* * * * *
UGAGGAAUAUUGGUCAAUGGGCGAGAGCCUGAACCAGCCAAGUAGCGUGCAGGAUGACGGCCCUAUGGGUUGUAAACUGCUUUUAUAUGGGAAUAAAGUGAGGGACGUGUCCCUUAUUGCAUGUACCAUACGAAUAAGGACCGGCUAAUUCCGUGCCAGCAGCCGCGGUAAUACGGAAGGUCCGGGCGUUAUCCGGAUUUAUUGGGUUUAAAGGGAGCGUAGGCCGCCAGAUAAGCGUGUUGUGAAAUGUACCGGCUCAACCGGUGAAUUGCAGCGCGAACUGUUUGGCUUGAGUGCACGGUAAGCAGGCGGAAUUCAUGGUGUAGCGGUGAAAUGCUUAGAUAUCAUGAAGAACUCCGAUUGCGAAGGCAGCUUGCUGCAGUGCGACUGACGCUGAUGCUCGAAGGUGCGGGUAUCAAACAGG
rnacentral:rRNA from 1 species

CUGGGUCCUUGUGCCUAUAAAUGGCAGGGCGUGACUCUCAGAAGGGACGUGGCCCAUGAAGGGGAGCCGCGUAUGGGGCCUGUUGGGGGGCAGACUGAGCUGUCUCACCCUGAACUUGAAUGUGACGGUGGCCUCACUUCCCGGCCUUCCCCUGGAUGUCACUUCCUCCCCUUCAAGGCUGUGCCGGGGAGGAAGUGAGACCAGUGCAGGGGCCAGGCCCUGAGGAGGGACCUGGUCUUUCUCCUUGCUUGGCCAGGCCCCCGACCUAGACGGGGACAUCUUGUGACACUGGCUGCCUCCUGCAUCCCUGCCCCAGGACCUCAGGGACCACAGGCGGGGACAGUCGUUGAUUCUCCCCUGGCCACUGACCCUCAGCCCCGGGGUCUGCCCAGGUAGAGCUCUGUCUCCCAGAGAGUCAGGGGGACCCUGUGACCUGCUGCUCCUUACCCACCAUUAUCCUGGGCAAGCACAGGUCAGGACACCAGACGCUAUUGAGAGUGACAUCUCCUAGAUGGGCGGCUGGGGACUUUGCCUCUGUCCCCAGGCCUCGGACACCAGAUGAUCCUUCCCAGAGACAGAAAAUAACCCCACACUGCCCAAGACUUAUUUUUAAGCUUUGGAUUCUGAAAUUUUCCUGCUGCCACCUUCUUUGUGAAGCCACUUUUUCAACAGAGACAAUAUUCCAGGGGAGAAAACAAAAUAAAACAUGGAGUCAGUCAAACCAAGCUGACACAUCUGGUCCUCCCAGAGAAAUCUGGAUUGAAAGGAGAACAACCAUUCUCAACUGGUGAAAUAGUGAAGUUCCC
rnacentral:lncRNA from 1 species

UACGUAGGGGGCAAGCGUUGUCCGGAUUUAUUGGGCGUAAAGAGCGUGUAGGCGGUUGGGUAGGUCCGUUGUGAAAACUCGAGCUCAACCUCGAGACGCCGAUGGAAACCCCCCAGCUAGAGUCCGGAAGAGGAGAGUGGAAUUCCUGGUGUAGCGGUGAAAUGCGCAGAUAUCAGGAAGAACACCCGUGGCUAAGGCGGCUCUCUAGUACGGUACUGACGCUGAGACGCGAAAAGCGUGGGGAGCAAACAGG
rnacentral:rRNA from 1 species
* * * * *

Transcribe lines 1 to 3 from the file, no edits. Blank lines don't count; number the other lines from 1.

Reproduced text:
UGAGGAAUAUUGGUCAAUGGGCGAGAGCCUGAACCAGCCAAGUAGCGUGCAGGAUGACGGCCCUAUGGGUUGUAAACUGCUUUUAUAUGGGAAUAAAGUGAGGGACGUGUCCCUUAUUGCAUGUACCAUACGAAUAAGGACCGGCUAAUUCCGUGCCAGCAGCCGCGGUAAUACGGAAGGUCCGGGCGUUAUCCGGAUUUAUUGGGUUUAAAGGGAGCGUAGGCCGCCAGAUAAGCGUGUUGUGAAAUGUACCGGCUCAACCGGUGAAUUGCAGCGCGAACUGUUUGGCUUGAGUGCACGGUAAGCAGGCGGAAUUCAUGGUGUAGCGGUGAAAUGCUUAGAUAUCAUGAAGAACUCCGAUUGCGAAGGCAGCUUGCUGCAGUGCGACUGACGCUGAUGCUCGAAGGUGCGGGUAUCAAACAGG
rnacentral:rRNA from 1 species

CUGGGUCCUUGUGCCUAUAAAUGGCAGGGCGUGACUCUCAGAAGGGACGUGGCCCAUGAAGGGGAGCCGCGUAUGGGGCCUGUUGGGGGGCAGACUGAGCUGUCUCACCCUGAACUUGAAUGUGACGGUGGCCUCACUUCCCGGCCUUCCCCUGGAUGUCACUUCCUCCCCUUCAAGGCUGUGCCGGGGAGGAAGUGAGACCAGUGCAGGGGCCAGGCCCUGAGGAGGGACCUGGUCUUUCUCCUUGCUUGGCCAGGCCCCCGACCUAGACGGGGACAUCUUGUGACACUGGCUGCCUCCUGCAUCCCUGCCCCAGGACCUCAGGGACCACAGGCGGGGACAGUCGUUGAUUCUCCCCUGGCCACUGACCCUCAGCCCCGGGGUCUGCCCAGGUAGAGCUCUGUCUCCCAGAGAGUCAGGGGGACCCUGUGACCUGCUGCUCCUUACCCACCAUUAUCCUGGGCAAGCACAGGUCAGGACACCAGACGCUAUUGAGAGUGACAUCUCCUAGAUGGGCGGCUGGGGACUUUGCCUCUGUCCCCAGGCCUCGGACACCAGAUGAUCCUUCCCAGAGACAGAAAAUAACCCCACACUGCCCAAGACUUAUUUUUAAGCUUUGGAUUCUGAAAUUUUCCUGCUGCCACCUUCUUUGUGAAGCCACUUUUUCAACAGAGACAAUAUUCCAGGGGAGAAAACAAAAUAAAACAUGGAGUCAGUCAAACCAAGCUGACACAUCUGGUCCUCCCAGAGAAAUCUGGAUUGAAAGGAGAACAACCAUUCUCAACUGGUGAAAUAGUGAAGUUCCC